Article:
You don’t need one when running your basic fundraising campaign, as you can do a lot of the work yourself. However, a fundraiser can be helpful if you need fast results or have exhausted the standard options.  Perhaps if you need an international network as well.

Do your research if you decide to go down this route. Make sure their values are aligned with yours, ask to see references and find out what experience they have in your niche. You’ll probably also want to negotiate pricing as their services are expensive (<gulp>).


What to do if the sh!t hits the fan

You’ve tried all the options above, and nothing is working. You’re running out of time and most importantly, money.

The golden rule? Don’t panic. When we panic, we make bad decisions. The best thing you can do is stay calm and be positive.

Deep breaths. You’ve got this.

If you’re heading for a cash crunch, there are four options you can pursue.


1. Increase revenues

Is there anything you can do to make money differently?

Take IBM for example. In the 1980s it specialised in personal computing, until Microsoft came in and smacked it out of the market. The business decided to move towards IT consulting and made a massive comeback.

Look at your offering and see what you can do to survive. You never know; this could be the decision that gets you your next investment opportunity.

This is basically BIG pivot time.


2. Alternative funding

Is there any other way you can get money?

Bootstrapping is not typically an option at this point, but you might be able to find an alternative resource, like crowdfunding or a grant.  Time to get funky and innovative here.


3. Reduce burn

Is there any way you can reduce your costs?

This decision is never easy, but it could save your business.  And the sooner you take it the better.  Let me say that again… The sooner you can make this call the more chance you have to live.

One of the easiest but most painful cuts is staff. If you do need to make people redundant, ensure your processes are watertight and treat people with the respect they deserve. It’s inevitable that morale will take a hit with remaining employees, so be sure to take care of them.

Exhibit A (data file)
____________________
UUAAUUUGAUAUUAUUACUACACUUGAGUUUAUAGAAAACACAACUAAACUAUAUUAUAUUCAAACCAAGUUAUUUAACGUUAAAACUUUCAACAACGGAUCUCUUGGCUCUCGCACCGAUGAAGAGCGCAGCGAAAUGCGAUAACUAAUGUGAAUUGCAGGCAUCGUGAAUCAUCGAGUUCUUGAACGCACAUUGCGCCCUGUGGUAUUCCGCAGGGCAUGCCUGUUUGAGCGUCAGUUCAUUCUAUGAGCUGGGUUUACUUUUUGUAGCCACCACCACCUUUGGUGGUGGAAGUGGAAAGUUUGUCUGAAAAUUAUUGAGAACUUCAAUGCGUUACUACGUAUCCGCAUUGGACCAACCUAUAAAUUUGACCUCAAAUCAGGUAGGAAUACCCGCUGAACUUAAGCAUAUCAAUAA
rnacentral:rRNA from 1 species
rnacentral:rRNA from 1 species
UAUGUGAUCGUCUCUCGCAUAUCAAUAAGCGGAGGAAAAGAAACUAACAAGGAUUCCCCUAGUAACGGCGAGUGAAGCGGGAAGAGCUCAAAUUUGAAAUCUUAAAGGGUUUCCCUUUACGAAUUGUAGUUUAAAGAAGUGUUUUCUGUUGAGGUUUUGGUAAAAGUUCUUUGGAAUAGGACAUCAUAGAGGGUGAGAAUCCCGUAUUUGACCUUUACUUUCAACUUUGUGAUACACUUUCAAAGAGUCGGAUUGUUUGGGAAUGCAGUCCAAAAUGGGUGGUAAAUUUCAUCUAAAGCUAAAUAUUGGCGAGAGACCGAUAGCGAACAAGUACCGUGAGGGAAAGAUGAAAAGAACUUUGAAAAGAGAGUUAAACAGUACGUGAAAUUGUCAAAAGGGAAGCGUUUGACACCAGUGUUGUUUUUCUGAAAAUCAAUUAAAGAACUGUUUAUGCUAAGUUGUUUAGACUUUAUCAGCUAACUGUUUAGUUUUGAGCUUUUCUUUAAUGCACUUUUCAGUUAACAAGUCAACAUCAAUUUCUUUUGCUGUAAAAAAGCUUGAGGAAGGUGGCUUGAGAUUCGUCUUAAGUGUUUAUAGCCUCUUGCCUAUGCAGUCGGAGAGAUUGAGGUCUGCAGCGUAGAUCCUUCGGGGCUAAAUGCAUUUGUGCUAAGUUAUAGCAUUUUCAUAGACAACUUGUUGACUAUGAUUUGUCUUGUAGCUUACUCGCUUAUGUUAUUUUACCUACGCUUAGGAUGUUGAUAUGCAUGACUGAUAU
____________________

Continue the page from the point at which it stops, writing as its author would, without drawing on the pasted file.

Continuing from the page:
4. Call time

Is it time to shut down your business?

This is the nuclear option but if you’ve exhausted all other avenues, it might be the only one left.

Get professional advice, pay as many of your liabilities as possible and don’t drag things out. If you decide to found another startup in the future, you don’t want this one hanging over you like a bad smell.


In summary: just keep going

The fundraising journey is hard, especially if you don’t hit your projected timescales. All you can do is keep moving onward.

I don’t want to sugarcoat things and say you’ll get that investment in the end. I don’t know your business well enough to say that.

All I can say is that if you have a genuinely investable business, and you’ve prepared for this eventuality, there will be interest out there.

You just need to fight for it.


What's next?  Who you gonna call...

Next time we’ll be looking at how to create a target list of VCs to approach. How do you determine who you want to work with, and how do you get their attention?

The VC start-up fundraising campaign stages and top tips for succeeding at each of stage. From Jonathan Bullock, ex Google Chief of staff & SoftBank COO